Our Active Strategy in High Yield Debt

As we wrote earlier this year in our piece “Pricing Risk and Playing Defense,” we are not believers in a significantly higher interest rate environment.  The global economy is simply too weak to tolerate higher rates.  The Fed will raise rates in 2017, as they started to do last week, however we believe the increase will be moderate and gradual.  As we began 2017, the bond market was already anticipating and pricing in at least two, 25 basis point increases in the Federal Funds rate and with any action they do take, we don’t expect the medium and long end of the curve to do much.

While the financial market enthusiasm over the last four months has been in anticipation of a domestic demand improvement, we have still not seen that materialize, as evident by the Fed’s comments last week.  Leading up to last week’s Fed meeting, in the days prior we saw the 10-year Treasury yield hit the December 2016 high on an expectation that the Fed may be more aggressive in its action, only to quickly decline back to around 2.5% once the Fed released their comments on Wednesday.  The Committee clearly remains “data dependent” and does not share the market’s optimism.

Given that we have yet to see any substantial pro-growth policies come to fruition, and it looks like Congressional approval on items such as tax cuts and infrastructure spending may take a while to actually happen, if they can get there at all, we do believe the equity markets have gotten ahead of themselves.  However, we continue to see demand for one important investment characteristic—yield.  We believe that a tight and thoughtful portfolio within the high yield bond and loan markets can provide that yield for investors.  With both the potential change in policy and interest rate backdrop, we view our asset classes much more favorably than other fixed income areas.  We believe that high yield debt is positioned to outperform the longer duration and lower yielding fixed income cousins such as investment grade corporates, munis, and mortgages in 2017.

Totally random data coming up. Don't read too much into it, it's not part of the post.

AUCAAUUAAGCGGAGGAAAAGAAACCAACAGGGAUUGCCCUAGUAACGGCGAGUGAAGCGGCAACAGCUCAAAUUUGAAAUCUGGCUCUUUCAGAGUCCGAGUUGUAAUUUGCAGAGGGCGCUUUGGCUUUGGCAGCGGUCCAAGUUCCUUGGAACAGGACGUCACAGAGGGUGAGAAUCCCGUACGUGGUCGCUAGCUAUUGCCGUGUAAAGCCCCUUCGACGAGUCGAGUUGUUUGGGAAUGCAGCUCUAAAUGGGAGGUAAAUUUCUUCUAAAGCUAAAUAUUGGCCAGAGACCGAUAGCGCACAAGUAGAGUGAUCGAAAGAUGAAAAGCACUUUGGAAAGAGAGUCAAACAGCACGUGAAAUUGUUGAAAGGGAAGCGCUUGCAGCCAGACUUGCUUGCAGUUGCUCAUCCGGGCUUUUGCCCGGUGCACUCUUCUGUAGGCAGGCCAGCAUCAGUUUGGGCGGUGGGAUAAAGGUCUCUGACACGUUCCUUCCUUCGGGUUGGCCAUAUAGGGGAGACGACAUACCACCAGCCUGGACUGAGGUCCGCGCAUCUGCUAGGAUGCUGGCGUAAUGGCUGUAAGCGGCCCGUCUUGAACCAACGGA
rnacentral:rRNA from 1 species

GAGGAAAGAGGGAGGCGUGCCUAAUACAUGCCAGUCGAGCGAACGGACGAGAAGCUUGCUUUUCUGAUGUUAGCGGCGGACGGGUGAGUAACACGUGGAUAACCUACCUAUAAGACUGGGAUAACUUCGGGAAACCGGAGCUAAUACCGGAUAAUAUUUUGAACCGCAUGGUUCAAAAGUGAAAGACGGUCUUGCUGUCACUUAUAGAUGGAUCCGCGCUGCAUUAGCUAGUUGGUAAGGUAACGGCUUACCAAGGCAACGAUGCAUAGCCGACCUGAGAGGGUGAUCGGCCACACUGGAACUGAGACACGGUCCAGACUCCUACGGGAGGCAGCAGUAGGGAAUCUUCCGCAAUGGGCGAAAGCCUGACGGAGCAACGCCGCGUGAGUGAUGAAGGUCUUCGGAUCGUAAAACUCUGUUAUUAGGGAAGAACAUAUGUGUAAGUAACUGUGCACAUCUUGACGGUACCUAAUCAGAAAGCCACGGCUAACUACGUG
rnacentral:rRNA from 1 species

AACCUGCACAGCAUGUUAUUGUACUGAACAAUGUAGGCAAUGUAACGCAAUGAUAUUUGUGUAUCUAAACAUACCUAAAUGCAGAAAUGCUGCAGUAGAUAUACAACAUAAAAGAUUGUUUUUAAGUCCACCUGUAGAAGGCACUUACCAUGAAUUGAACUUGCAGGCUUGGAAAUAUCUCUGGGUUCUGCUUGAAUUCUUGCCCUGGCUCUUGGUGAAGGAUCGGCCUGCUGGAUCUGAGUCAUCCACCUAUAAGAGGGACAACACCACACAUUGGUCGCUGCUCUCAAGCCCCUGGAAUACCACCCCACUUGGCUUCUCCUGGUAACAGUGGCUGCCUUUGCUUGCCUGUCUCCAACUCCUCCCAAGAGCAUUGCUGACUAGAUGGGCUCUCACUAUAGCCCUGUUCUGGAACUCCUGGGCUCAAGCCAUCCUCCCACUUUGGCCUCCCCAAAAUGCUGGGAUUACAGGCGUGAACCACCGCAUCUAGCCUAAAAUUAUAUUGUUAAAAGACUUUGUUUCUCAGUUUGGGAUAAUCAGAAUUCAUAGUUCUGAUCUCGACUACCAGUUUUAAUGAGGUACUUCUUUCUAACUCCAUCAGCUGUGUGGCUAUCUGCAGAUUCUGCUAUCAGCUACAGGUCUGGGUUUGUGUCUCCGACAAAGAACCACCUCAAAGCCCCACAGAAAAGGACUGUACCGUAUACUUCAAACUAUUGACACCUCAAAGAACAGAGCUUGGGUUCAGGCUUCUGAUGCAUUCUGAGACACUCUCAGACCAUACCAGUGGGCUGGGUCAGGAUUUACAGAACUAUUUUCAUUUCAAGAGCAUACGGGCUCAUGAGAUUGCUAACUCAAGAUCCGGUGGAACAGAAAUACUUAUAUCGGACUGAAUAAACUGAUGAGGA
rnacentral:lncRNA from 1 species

While 2016 seemed to be dubbed the year of indexing by financial commentators, we believe 2017 will prove to be the year of active management.  We believe volatility will return to markets and what you don’t own will be as important as what you do.  As we look at our own strategy, we are working to manage technical and liquidity risk very deliberately by using our strategic new issue allocation, by which we purchase newly issued bonds.  This allocation is focused on market technicals and includes tight sell parameters and a shorter term holding period.  Regardless of interest rate views, floating rate loans serve to reduce portfolio duration (interest rate sensitivity) and can allow investors to participate in a more senior part of the company’s capital structure.  We will continue include an allocation to loans within our strategy.  The focus of our strategy will remain on our core, value-based bond holdings, and as industry themes or asset class opportunities present themselves, we will use proceeds from the new issue allocation to redeploy into such alpha-generating investments.  These core, fundamentally-driven holdings are complemented by our new issue allocation, allowing us to take advantage of the opportunities we see from both a fundamental and technical side of the market.  Our end goal is to compile a portfolio with greater stability, while working to generate alpha for investors.

We believe it is time to play a good defense and we will work to do just that while also capitalizing on the select value-based opportunities within today’s high yield market.  To read more on our take on interest rates, the global outlook, and our investment strategy in this environment, see our recent writing “Pricing Risk and Playing Defense.”

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